Astronaut experiment could help miners

The findings of an experiment where six astronauts were locked in steel tubes for 18 months to simulate a mission to Mars could help mining workers cooperate on isolated operations.

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The findings of an experiment where six astronauts were locked in steel tubes for 18 months to simulate a mission to Mars could help mining workers cooperate on isolated operations.

According to The Australian three Russians, two Europeans, and one Chinese citizen were locked in steel cans in a Moscow research institute last year to simulate a 520-day mission to Mars.

It was the longest isolation experiment ever conducted, and used new technology to keep positive relations between team members.

According to The Australian smaller studies of human isolation by different organisations have previously ended early after strained relations and open conflict broke out.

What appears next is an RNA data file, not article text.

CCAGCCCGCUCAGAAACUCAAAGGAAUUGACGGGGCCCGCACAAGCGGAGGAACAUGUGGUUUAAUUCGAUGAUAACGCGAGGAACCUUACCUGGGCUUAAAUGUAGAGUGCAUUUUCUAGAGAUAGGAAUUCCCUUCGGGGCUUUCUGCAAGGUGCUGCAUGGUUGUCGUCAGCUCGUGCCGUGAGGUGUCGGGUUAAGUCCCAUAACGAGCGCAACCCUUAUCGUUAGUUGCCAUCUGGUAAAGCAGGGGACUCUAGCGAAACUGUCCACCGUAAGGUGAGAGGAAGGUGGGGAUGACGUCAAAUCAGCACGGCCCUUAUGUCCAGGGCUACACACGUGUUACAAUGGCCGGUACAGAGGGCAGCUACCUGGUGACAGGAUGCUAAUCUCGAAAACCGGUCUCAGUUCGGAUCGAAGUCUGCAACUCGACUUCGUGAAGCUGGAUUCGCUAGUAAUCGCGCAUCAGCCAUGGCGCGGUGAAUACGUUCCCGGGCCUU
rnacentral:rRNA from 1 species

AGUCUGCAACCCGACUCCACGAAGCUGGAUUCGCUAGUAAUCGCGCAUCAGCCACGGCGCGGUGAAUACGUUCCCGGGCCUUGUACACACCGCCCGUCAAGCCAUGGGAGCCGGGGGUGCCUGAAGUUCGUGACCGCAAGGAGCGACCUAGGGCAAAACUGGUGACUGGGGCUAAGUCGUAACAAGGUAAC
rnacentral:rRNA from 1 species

Australian-trained psychologist Pauline Willis told The Australian a new system called Sociomapping had been part of the success of the Moscow experiment.

She said isolated mining operations could learn from the technique to ensure workers remained friendly and productive in difficult environments.

"An outback mining operation is one obvious setting where there is a lot at stake if a team stops getting on well and communicating properly," she said.

The system has previously been sold to oil and gas firms and Czech military units in Afghanistan.

Last week the heads of the world’s five biggest space agencies discussed the possibility of mining on the Moon at the International Space Station members meeting.

Several countries have already expressed an interest in the subject and a number of prototype machines already exist.

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